Efficient new toilets can save you money and water

Holidays are just around the corner and if there's one appliance that'd better be ready for the onslaught it's the toilet. While many household fixtures require repair or replacement, one that's getting renewed attention thanks to the collective green-living consciousness is the toilet. If yours is a water hog, it's a good time to think about getting a new one.

Once Upon a Potty

This image provided by NASA shows an interior view of the Leonardo Multi-Purpose Logistics Module attached to the Earth-facing port of the International Space Station's Harmony node. Leonardo was moved from Space Shuttle Endeavour's cargo bay and linked to the station on Monday Nov. 17, 2008 carrying two water recovery systems racks for recycling urine into potable water, a second toilet system, new gallery components, two new food warmers, a food refrigerator, an experiment freezer, combustion science experiment rack, two separate sleeping quarters and a resistance exercise device that allows station crewmembers to perform a variety of exercises.. (AP Photo/NASA)

AP

This image provided by NASA shows an interior view of the Leonardo Multi-Purpose Logistics Module attached to the Earth-facing port of the International Space Station's Harmony node. Leonardo was moved from Space Shuttle Endeavour's cargo bay and linked to the station on Monday Nov. 17, 2008 carrying two water recovery systems racks for recycling urine into potable water, a second toilet system, new gallery components, two new food warmers, a food refrigerator, an experiment freezer, combustion science experiment rack, two separate sleeping quarters and a resistance exercise device that allows station crewmembers to perform a variety of exercises.. (AP Photo/NASA)

AP

A guest sits on a ceramic toilets as she attends a press conference by various sanitation and hygiene concerns in front of Berlin's central railway station on November 19, 2008, on the occasion of World Toilet Day. The UN has established that some 38 percent of the world's population is living without adequate sanitation, and has called on governments to reduce that number by half by 2015. AFP PHOTO JOHN MACDOUGALL (Photo credit should read JOHN MACDOUGALL/AFP/Getty Images)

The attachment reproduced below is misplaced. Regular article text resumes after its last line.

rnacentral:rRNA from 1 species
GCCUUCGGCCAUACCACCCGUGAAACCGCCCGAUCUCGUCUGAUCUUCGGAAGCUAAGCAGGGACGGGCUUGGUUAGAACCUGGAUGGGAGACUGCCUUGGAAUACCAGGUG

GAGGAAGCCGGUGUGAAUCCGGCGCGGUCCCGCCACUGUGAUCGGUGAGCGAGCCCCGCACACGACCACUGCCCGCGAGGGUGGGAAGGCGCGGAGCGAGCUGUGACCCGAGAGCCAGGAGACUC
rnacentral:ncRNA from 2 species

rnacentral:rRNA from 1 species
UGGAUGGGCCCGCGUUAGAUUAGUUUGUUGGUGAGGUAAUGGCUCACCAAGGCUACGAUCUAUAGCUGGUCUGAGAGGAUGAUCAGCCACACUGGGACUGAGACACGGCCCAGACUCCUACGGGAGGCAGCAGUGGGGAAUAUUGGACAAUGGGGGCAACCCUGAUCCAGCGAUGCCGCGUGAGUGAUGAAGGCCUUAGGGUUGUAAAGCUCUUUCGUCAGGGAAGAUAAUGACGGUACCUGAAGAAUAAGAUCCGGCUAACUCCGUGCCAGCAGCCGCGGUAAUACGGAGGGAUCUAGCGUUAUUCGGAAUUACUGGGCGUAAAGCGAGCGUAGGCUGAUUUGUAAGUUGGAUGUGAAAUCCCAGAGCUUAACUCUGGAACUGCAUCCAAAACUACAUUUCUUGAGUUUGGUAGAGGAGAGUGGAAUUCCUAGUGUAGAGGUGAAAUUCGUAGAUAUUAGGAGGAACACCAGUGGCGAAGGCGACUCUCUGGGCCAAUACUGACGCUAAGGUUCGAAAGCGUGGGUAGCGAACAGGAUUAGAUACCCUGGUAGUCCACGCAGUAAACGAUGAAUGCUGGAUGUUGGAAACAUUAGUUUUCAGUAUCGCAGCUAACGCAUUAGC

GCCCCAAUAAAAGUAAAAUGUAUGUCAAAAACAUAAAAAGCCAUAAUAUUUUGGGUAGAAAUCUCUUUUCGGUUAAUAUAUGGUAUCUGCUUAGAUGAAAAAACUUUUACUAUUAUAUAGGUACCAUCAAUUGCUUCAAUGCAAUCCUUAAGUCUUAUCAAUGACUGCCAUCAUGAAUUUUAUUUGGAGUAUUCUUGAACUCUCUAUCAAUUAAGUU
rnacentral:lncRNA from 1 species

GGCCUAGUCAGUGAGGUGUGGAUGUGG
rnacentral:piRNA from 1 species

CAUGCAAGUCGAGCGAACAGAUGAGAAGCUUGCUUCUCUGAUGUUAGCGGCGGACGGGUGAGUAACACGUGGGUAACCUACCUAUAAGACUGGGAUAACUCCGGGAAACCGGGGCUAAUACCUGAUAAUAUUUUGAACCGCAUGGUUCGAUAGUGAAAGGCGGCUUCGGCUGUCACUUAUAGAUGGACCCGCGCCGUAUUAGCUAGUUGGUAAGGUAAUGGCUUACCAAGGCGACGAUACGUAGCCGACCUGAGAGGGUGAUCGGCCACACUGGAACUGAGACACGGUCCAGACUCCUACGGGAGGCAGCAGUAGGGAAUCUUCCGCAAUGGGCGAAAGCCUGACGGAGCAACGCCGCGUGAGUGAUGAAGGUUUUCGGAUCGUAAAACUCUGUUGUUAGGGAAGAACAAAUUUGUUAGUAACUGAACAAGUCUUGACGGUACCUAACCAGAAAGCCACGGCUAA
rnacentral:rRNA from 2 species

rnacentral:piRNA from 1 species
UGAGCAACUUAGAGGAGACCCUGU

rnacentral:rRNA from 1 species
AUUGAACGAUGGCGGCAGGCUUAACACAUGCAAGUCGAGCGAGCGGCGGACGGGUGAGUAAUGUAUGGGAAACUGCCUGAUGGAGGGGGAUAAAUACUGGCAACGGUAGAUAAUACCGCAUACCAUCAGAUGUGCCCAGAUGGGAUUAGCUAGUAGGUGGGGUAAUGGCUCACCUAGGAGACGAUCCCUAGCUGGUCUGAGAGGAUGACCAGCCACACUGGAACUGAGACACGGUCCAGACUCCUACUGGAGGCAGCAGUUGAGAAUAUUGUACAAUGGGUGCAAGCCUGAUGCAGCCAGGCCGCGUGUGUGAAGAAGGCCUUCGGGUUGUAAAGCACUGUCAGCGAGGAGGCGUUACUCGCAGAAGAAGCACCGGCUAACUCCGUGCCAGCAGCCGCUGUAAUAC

AFP/Getty Images

A guest sits on a ceramic toilets as she attends a press conference by various sanitation and hygiene concerns in front of Berlin's central railway station on November 19, 2008, on the occasion of World Toilet Day. The UN has established that some 38 percent of the world's population is living without adequate sanitation, and has called on governments to reduce that number by half by 2015. AFP PHOTO JOHN MACDOUGALL (Photo credit should read JOHN MACDOUGALL/AFP/Getty Images)

AFP/Getty Images

Guests sit on ceramic toilets as they attend a press conference by various sanitation and hygiene concerns in front of Berlin's central railway station on November 19, 2008, on the occasion of World Toilet Day. The UN has established that some 38 percent of the world's population is living without adequate sanitation, and has called on governments to reduce that number by half by 2015. AFP PHOTO JOHN MACDOUGALL (Photo credit should read JOHN MACDOUGALL/AFP/Getty Images)

AFP/Getty Images

Guests sit on ceramic toilets as they attend a press conference by various sanitation and hygiene concerns in front of Berlin's central railway station on November 19, 2008, on the occasion of World Toilet Day. The UN has established that some 38 percent of the world's population is living without adequate sanitation, and has called on governments to reduce that number by half by 2015. AFP PHOTO JOHN MACDOUGALL (Photo credit should read JOHN MACDOUGALL/AFP/Getty Images)